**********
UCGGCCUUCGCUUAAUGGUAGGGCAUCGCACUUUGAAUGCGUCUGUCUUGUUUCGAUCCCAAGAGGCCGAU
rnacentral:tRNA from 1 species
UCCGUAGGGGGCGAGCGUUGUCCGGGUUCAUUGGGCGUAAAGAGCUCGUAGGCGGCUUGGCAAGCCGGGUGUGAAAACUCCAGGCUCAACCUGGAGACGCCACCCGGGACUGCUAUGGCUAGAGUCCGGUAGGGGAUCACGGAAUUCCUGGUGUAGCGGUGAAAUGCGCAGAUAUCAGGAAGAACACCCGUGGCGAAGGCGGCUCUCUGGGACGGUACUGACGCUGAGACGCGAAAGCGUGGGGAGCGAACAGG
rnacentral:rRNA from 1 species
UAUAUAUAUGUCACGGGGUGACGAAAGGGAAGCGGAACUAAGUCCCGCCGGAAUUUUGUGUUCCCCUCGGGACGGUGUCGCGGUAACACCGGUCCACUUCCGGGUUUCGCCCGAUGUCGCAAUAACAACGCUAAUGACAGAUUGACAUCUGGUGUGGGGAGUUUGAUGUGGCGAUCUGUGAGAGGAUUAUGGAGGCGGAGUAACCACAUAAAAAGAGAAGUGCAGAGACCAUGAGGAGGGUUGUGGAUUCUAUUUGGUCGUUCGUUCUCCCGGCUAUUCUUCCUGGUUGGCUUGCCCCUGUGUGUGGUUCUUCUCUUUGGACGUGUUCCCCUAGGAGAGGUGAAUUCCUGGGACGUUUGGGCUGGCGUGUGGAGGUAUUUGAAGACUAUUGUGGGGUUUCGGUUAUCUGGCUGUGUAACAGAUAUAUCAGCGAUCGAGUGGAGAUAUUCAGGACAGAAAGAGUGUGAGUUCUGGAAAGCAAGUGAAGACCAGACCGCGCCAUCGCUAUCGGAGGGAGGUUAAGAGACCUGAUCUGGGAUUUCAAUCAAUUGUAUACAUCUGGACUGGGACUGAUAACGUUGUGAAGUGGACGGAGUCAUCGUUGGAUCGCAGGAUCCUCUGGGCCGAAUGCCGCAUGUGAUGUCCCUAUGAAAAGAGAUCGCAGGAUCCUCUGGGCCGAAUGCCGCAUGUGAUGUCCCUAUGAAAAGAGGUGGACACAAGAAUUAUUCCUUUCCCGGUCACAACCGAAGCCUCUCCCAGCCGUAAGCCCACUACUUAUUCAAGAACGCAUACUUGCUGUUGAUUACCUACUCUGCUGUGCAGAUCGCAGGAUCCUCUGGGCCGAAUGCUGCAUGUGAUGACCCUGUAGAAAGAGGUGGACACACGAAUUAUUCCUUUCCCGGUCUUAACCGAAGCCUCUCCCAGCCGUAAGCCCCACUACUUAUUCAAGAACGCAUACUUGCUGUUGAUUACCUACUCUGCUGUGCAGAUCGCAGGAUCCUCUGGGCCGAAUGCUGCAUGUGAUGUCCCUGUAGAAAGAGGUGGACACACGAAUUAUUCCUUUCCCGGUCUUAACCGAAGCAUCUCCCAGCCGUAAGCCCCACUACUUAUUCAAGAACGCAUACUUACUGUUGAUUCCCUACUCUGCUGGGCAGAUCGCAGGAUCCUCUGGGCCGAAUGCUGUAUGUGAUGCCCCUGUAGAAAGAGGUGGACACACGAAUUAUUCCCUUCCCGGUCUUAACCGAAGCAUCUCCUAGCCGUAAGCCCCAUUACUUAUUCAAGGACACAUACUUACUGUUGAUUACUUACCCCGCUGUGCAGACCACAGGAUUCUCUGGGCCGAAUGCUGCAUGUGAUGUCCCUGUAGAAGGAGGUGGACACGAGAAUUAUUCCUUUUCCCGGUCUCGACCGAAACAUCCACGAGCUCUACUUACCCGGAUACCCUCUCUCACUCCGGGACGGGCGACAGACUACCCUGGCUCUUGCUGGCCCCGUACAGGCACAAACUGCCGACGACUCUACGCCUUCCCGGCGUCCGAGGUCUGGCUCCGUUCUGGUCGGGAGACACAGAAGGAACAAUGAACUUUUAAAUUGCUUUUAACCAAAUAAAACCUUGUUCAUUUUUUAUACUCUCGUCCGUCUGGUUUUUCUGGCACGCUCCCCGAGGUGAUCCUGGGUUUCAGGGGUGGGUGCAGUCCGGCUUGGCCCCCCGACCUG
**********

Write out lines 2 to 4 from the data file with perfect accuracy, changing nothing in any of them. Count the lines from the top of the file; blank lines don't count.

rnacentral:tRNA from 1 species
UCCGUAGGGGGCGAGCGUUGUCCGGGUUCAUUGGGCGUAAAGAGCUCGUAGGCGGCUUGGCAAGCCGGGUGUGAAAACUCCAGGCUCAACCUGGAGACGCCACCCGGGACUGCUAUGGCUAGAGUCCGGUAGGGGAUCACGGAAUUCCUGGUGUAGCGGUGAAAUGCGCAGAUAUCAGGAAGAACACCCGUGGCGAAGGCGGCUCUCUGGGACGGUACUGACGCUGAGACGCGAAAGCGUGGGGAGCGAACAGG
rnacentral:rRNA from 1 species